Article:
By Emilie Mutert
Bay Area sports fan and journalist Eric Simons wasn't sure why he stayed so faithful to his favorite teams -- the Bears and the Sharks -- even though they were notorious chokers. Was his loyalty based on romantic love? Was it an addiction? And what was going on inside his mind and body during games that would get his pulse up and make him sweat, as though he were one of those athletes down on the field?
Simons' new book, The Secret Lives of Sports Fans: The Science of Sports Obsession, explains the research about what's going on inside our minds and bodies when our favorite teams win, lose, and keep us on the edge of our seats. He interviewed leaders in the fields of psychology, neuroscience and endocrinology, along with some seriously devoted sports fans in his quest for an explanation.
As college basketball comes to a close and the baseball season gets underway, Simons covers some of the finer points with us. The conclusions? As with most relationships, it's complicated.
SF Weekly: Can you describe what's going on hormonally for men when they watch sports?
Eric Simons: The research on this is really interesting and pretty active right now so none of this is completely certain. But basically, if you're male and you're watching this game, at the start of the game you get a little bit of a rise in your testosterone, because testosterone is a social hormone, and when you're in a social situation it likes to come out and play. This is an evolutionary strategy for reproduction that's catching you when you're watching sports. So men watching sports start feeling this challenge, this social challenge, and testosterone's going up in response to a perception that, "Oh I might have to fight here." And there's a lot of psychological reasons why you're actually thinking you're involved when you're some guy standing in the stands with paint on your chest. You really perceive this very much as, "I'm going to be in a fight." So your testosterone's going up. And then the theory is, and this is supported mostly by research, that not only does it go up in response to this perceived challenge but if your team wins, if your team succeeds, it goes up then. And if your team loses, fails or if there's some depressing point, it goes down. The idea is when you win, that's the time to capitalize on that win and go win again. So that's when you get this testosterone spike.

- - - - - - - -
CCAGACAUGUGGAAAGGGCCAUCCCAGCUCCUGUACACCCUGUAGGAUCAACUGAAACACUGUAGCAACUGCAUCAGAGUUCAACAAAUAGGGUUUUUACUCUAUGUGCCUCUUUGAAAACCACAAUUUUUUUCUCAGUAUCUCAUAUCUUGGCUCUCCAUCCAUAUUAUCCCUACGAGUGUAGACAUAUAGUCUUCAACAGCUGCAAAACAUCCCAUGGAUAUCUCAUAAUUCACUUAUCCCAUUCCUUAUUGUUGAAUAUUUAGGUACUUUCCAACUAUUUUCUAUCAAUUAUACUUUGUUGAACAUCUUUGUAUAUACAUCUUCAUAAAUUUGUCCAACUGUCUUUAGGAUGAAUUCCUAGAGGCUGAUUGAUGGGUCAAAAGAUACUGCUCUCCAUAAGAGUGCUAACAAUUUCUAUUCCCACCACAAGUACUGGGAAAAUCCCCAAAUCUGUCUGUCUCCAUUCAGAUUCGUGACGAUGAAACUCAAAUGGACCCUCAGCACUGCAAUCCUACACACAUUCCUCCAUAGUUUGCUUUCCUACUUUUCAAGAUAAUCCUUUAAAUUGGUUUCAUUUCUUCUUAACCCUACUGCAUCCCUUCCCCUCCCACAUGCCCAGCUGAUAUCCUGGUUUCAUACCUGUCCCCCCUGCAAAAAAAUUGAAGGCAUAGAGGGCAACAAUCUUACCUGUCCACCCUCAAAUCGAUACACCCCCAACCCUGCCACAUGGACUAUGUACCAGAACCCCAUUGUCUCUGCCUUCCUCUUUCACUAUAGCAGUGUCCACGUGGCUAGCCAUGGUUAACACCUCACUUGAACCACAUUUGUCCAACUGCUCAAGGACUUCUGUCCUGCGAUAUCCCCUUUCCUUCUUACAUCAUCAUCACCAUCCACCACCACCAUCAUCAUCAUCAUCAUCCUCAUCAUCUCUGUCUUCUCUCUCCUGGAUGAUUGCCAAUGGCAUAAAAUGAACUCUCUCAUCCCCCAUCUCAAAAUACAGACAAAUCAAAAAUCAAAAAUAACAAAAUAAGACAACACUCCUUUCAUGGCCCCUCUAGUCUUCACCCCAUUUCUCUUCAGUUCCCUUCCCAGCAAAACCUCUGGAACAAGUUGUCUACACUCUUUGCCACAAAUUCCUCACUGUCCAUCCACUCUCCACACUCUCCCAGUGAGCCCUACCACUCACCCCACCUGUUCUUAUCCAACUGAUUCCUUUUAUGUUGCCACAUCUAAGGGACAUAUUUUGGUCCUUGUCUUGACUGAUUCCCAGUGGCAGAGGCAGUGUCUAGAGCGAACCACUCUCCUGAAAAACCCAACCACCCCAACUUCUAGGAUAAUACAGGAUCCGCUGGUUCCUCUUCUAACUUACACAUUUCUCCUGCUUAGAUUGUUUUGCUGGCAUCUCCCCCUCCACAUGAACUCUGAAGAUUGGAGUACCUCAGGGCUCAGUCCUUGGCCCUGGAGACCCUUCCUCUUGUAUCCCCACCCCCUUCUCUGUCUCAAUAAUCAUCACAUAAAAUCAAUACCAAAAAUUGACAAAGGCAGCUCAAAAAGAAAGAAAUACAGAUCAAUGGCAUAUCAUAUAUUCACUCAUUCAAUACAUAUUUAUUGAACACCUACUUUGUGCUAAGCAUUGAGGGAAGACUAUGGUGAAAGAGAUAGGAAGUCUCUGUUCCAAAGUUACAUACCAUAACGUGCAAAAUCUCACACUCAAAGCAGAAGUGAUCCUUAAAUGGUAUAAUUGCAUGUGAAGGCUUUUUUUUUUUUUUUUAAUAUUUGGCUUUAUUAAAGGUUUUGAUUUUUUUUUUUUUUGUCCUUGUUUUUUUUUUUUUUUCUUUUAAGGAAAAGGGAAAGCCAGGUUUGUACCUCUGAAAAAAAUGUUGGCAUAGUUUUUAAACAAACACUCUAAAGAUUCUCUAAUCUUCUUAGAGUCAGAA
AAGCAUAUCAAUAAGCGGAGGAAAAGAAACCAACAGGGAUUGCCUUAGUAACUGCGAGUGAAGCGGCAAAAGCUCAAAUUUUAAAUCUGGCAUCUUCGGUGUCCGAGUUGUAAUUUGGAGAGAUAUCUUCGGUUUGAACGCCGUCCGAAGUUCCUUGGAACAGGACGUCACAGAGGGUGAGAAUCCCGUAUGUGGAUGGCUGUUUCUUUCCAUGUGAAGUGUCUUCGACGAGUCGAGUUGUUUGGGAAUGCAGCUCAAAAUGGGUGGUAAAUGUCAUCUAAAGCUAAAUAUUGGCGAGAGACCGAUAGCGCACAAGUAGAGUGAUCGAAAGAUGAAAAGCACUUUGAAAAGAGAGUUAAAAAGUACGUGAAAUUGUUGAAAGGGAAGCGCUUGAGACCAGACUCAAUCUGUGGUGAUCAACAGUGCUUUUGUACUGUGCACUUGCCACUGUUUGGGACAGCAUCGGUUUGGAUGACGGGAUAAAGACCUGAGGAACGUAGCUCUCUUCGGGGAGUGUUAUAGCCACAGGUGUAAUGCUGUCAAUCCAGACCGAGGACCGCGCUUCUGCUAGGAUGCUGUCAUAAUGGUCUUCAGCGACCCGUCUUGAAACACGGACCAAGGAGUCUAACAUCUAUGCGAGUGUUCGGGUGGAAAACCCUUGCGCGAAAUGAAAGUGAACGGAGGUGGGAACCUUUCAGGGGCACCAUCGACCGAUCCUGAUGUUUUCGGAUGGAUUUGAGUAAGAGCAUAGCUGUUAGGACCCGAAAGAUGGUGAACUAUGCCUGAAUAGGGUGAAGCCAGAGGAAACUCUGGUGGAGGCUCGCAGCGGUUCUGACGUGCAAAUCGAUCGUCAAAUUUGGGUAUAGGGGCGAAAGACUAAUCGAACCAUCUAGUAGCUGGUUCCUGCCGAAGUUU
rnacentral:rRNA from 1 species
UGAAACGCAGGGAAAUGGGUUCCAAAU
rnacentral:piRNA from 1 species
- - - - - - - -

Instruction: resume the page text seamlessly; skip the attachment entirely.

These testosterone changes are really only seen in men. But myself, I'm a female sports fan, and I get depressed after games when my team loses. So what is going on inside of me when I see my team lose a heartbreaker in overtime?
That kind of goes to show how unimportant testosterone is to the whole experience of how you're feeling. You go back to these studies of men they did in the Netherlands, where you're just allowed to just dose people directly with testosterone, and they'll knock people's testosterone out entirely, and then give half of them a shot of testosterone and half of them nothing, and ask them whether they could tell which they got, and no one could tell.